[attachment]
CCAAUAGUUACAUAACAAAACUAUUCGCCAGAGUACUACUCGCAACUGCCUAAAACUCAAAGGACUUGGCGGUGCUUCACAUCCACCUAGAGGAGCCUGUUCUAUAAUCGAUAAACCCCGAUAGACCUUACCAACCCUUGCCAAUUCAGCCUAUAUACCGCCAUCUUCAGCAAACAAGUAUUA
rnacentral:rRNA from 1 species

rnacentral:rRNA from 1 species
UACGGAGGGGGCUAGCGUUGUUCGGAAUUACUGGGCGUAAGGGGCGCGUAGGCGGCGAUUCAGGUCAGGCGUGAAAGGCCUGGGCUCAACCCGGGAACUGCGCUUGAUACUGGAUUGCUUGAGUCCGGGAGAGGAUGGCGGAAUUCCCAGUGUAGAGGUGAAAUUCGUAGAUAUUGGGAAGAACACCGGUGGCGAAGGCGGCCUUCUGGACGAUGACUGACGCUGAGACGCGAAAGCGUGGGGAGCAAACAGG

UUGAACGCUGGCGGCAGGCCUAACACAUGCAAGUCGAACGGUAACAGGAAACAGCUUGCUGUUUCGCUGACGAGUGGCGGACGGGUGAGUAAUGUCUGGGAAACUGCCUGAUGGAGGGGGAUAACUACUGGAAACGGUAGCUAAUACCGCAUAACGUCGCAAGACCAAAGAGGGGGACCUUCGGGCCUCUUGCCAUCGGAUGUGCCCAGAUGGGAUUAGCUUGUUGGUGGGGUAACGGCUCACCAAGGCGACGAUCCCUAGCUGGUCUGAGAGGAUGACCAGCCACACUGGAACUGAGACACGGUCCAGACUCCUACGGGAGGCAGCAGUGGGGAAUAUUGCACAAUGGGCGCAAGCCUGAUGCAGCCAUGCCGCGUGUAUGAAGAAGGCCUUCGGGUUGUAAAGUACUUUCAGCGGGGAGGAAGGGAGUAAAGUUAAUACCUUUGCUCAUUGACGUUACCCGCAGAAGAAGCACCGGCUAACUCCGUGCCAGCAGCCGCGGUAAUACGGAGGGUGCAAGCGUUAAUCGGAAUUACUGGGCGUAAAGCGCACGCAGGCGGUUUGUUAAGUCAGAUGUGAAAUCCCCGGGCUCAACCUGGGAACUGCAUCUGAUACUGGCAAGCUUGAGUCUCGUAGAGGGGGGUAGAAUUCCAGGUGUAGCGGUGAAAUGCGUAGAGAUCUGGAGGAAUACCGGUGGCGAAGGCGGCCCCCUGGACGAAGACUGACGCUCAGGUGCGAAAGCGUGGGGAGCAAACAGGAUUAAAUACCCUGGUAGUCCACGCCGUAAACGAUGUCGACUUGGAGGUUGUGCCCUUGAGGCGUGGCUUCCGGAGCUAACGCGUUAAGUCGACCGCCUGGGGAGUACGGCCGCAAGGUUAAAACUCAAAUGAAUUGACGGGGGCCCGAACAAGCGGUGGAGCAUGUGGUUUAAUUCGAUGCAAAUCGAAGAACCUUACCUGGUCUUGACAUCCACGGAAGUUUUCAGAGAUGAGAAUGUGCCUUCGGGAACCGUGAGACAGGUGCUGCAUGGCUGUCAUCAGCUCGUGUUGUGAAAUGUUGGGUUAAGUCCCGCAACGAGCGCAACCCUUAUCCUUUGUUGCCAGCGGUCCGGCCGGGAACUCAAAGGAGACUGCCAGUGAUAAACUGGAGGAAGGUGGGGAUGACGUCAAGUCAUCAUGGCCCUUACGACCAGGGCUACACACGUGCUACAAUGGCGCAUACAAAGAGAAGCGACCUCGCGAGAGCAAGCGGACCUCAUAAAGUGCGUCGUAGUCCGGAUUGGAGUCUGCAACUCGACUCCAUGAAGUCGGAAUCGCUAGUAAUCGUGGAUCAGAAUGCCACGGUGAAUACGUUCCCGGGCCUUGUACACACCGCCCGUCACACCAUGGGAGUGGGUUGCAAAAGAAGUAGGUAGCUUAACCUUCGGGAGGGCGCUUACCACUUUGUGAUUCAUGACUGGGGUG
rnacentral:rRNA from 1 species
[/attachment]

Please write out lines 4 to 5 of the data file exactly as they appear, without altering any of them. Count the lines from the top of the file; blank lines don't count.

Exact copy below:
UACGGAGGGGGCUAGCGUUGUUCGGAAUUACUGGGCGUAAGGGGCGCGUAGGCGGCGAUUCAGGUCAGGCGUGAAAGGCCUGGGCUCAACCCGGGAACUGCGCUUGAUACUGGAUUGCUUGAGUCCGGGAGAGGAUGGCGGAAUUCCCAGUGUAGAGGUGAAAUUCGUAGAUAUUGGGAAGAACACCGGUGGCGAAGGCGGCCUUCUGGACGAUGACUGACGCUGAGACGCGAAAGCGUGGGGAGCAAACAGG

UUGAACGCUGGCGGCAGGCCUAACACAUGCAAGUCGAACGGUAACAGGAAACAGCUUGCUGUUUCGCUGACGAGUGGCGGACGGGUGAGUAAUGUCUGGGAAACUGCCUGAUGGAGGGGGAUAACUACUGGAAACGGUAGCUAAUACCGCAUAACGUCGCAAGACCAAAGAGGGGGACCUUCGGGCCUCUUGCCAUCGGAUGUGCCCAGAUGGGAUUAGCUUGUUGGUGGGGUAACGGCUCACCAAGGCGACGAUCCCUAGCUGGUCUGAGAGGAUGACCAGCCACACUGGAACUGAGACACGGUCCAGACUCCUACGGGAGGCAGCAGUGGGGAAUAUUGCACAAUGGGCGCAAGCCUGAUGCAGCCAUGCCGCGUGUAUGAAGAAGGCCUUCGGGUUGUAAAGUACUUUCAGCGGGGAGGAAGGGAGUAAAGUUAAUACCUUUGCUCAUUGACGUUACCCGCAGAAGAAGCACCGGCUAACUCCGUGCCAGCAGCCGCGGUAAUACGGAGGGUGCAAGCGUUAAUCGGAAUUACUGGGCGUAAAGCGCACGCAGGCGGUUUGUUAAGUCAGAUGUGAAAUCCCCGGGCUCAACCUGGGAACUGCAUCUGAUACUGGCAAGCUUGAGUCUCGUAGAGGGGGGUAGAAUUCCAGGUGUAGCGGUGAAAUGCGUAGAGAUCUGGAGGAAUACCGGUGGCGAAGGCGGCCCCCUGGACGAAGACUGACGCUCAGGUGCGAAAGCGUGGGGAGCAAACAGGAUUAAAUACCCUGGUAGUCCACGCCGUAAACGAUGUCGACUUGGAGGUUGUGCCCUUGAGGCGUGGCUUCCGGAGCUAACGCGUUAAGUCGACCGCCUGGGGAGUACGGCCGCAAGGUUAAAACUCAAAUGAAUUGACGGGGGCCCGAACAAGCGGUGGAGCAUGUGGUUUAAUUCGAUGCAAAUCGAAGAACCUUACCUGGUCUUGACAUCCACGGAAGUUUUCAGAGAUGAGAAUGUGCCUUCGGGAACCGUGAGACAGGUGCUGCAUGGCUGUCAUCAGCUCGUGUUGUGAAAUGUUGGGUUAAGUCCCGCAACGAGCGCAACCCUUAUCCUUUGUUGCCAGCGGUCCGGCCGGGAACUCAAAGGAGACUGCCAGUGAUAAACUGGAGGAAGGUGGGGAUGACGUCAAGUCAUCAUGGCCCUUACGACCAGGGCUACACACGUGCUACAAUGGCGCAUACAAAGAGAAGCGACCUCGCGAGAGCAAGCGGACCUCAUAAAGUGCGUCGUAGUCCGGAUUGGAGUCUGCAACUCGACUCCAUGAAGUCGGAAUCGCUAGUAAUCGUGGAUCAGAAUGCCACGGUGAAUACGUUCCCGGGCCUUGUACACACCGCCCGUCACACCAUGGGAGUGGGUUGCAAAAGAAGUAGGUAGCUUAACCUUCGGGAGGGCGCUUACCACUUUGUGAUUCAUGACUGGGGUG